Tesla CEO Elon Musk stood in the foundry of the Tesla Gigafactory at a press conference. year.
Patrick Pooler | Photo Alliance | Photo Alliance | Getty Images
Elon Musk touted SpaceX’s plans to use Starlink for inflight Wi-Fi on Thursday, and emphasized that his company is discussing with airlines to increase high-speed satellite Internet services.
“If you want to use it on your airliner, please let them know,” Musk wrote in a tweet, adding that Starlink could add “low latency ~ half gigabit connection in the air!”
Starlink is the company’s plan to build an interconnected Internet network consisting of thousands of satellites, known as the constellation in the aerospace industry, and aims to provide high-speed Internet for consumers anywhere on the earth.
So far, SpaceX has launched 1,740 Starlink satellites. The network has more than 100,000 users participating in the public beta in 14 countries/regions, and the service price is US$99 per month.
Earlier this year, SpaceX vice president Jonathan Hofeller stated that the company is in talks with “several” airlines to increase Starlink’s inflight Wi-Fi, noting that it has “aerospace products under development. “.
“So far, we have conducted some demonstrations and [are] It is hoped that this product will be finalized and installed on aircraft in the near future,” Hofler said in June.
Airlines work with satellite broadband providers to provide on-board Wi-Fi, among which Viasat and Intelsat (the latter bought Gogo’s commercial aviation business) are two such companies as Delta Air Lines, JetBlue Airways, American Airlines, and United Airlines. The company’s flights have increased connections. However, although existing services use satellites in distant orbits, the orbits of Starlink satellites are closer to the earth, which can increase the speed that passengers see in flight.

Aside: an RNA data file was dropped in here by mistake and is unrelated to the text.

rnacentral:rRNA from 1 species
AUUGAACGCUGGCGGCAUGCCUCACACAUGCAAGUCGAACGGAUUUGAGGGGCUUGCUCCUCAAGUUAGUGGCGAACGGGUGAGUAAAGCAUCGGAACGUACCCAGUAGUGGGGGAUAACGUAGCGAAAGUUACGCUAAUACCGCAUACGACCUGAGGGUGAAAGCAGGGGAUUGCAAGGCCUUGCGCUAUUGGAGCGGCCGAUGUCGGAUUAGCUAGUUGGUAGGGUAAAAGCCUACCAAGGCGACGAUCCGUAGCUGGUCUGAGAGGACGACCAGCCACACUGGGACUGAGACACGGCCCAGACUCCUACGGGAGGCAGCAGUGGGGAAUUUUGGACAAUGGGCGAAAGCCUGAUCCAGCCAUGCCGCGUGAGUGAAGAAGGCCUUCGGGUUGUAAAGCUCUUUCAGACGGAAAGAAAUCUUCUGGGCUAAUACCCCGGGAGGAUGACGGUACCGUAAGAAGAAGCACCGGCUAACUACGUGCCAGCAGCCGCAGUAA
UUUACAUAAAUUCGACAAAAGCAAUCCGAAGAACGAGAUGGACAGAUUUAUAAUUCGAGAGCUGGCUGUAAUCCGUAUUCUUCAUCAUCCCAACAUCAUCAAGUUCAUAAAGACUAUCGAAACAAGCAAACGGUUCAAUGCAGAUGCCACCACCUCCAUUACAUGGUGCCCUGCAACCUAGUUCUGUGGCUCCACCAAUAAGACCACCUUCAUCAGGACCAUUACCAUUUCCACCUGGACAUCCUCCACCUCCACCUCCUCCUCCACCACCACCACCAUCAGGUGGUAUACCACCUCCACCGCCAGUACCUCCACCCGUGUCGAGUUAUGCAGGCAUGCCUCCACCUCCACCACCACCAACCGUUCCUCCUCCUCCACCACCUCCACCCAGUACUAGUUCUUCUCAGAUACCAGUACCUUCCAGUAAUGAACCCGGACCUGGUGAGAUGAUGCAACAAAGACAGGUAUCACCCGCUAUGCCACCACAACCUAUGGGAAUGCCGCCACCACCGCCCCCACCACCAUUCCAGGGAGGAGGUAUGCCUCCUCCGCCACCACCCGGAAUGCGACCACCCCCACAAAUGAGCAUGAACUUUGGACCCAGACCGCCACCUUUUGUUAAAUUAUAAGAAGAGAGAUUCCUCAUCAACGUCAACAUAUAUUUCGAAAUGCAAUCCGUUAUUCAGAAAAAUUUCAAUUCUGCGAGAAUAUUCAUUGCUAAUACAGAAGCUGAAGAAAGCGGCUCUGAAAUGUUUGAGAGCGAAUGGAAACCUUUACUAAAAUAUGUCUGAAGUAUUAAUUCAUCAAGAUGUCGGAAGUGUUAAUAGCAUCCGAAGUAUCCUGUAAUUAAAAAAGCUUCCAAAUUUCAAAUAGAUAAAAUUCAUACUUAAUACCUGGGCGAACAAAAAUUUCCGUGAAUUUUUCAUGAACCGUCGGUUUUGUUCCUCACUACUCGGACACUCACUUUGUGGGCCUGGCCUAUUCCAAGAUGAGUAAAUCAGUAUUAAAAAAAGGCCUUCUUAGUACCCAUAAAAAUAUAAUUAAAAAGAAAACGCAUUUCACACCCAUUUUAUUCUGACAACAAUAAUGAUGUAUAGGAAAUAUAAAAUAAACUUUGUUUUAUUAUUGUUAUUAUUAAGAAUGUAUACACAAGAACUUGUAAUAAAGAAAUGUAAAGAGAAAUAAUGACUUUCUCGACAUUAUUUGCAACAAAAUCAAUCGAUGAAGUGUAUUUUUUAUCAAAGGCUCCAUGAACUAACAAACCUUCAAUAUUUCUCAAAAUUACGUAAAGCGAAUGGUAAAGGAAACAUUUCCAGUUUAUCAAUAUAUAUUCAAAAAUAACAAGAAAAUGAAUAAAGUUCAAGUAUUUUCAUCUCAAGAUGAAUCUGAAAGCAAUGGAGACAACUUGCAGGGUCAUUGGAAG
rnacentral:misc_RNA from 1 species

Hofeller also emphasized that Starlink “provides a global grid,” so “airlines fly under this global grid and they can connect wherever they go.”
Shares of Gogo, which now focuses on business aviation rather than commercial airlines, fell 5% in Thursday’s trading.
On August 21, 2008, a Boeing 737-200 was about to land at Jorge Newbury Airport in Buenos Aires.
Juan Mabroma Tower | AFP | Getty Images
Musk has previously stated that “regulatory approval” is currently determining when airlines can use Starlink’s schedule because the service “must be certified for each aircraft type.”
“Focus on the 737 and A320 because they serve most people and are developed and tested on Gulfstream,” Musk said in a tweet in June.
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